Visual acuity and corneal higher-order aberrations after EX-PRESS or trabeculectomy, and the determination of associated factors that influence visual function
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This study investigated postoperative visual acuity and corneal higher-order aberrations following EX-PRESS or trabeculectomy.
Out of 56 eyes of 56 patients analyzed, 30 eyes were treated using trabeculectomy, while 26 eyes were treated with EX-PRESS. Visual acuity and corneal higher-order aberrations were analyzed in both groups before and at 2 weeks, 1, 2, and 3 months after the surgeries. Risk factors that could potentially influence corneal higher-order aberrations were evaluated.
Significant reductions in the IOP were observed at 3 months after the surgery in both groups. Although a significant decrease in the visual acuity (logMAR) was observed at 2 weeks after the surgery in both groups, at 1 month after the surgeries, there were no significant differences found for the vision as compared to the baseline. At each study visit in the trabeculectomy group, significantly higher corneal higher-order aberrations compared to baseline were noted. In the EX-PRESS group, however, these aberrations were no longer significantly different from the baseline at month 2 (P = 0.36). Analysis of the risk factors indicated that hypotony could influence corneal higher-order aberrations after surgery.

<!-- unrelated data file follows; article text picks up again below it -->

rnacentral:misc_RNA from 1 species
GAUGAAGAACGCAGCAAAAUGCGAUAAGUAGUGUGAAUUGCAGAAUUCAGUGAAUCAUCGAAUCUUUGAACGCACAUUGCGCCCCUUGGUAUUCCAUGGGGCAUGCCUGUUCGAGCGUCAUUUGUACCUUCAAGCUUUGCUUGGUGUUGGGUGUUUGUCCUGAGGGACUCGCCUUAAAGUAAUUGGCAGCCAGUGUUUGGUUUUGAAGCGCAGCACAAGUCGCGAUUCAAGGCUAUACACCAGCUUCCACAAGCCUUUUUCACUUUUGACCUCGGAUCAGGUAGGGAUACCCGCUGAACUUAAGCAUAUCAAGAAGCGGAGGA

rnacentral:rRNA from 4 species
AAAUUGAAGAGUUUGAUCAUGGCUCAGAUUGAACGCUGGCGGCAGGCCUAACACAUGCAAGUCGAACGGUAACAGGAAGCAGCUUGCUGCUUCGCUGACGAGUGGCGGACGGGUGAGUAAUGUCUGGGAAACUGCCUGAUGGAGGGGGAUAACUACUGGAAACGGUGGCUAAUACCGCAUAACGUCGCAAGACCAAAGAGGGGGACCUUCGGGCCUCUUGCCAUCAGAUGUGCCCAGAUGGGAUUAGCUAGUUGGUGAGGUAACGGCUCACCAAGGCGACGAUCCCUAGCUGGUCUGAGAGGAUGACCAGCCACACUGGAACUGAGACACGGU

Corneal higher-order aberrations were significantly increased at 1 month after EX-PRESS treatment, with levels returning to baseline by 2 months. After trabeculectomy, however, corneal higher-order aberrations remained significantly increased at 3 months after the procedure.
KeywordsTrabeculectomy EX-PRESS Higher-order aberrations Visual acuity
This work was supported by a Grant-in-Aid for Scientific Research from the Ministry of Education, Culture, Sports, Science, and Technology of Japan (26462689).
Compliance with ethical standards
Conflict of interest
All authors declare that they have no conflict of interest.
All procedures performed in studies involving human participants were in accordance with the ethical standards of the institutional and/or national research committee and with the 1964 Helsinki Declaration and its later amendments or comparable ethical standards.
Informed consent was obtained from all individual participants included in the study.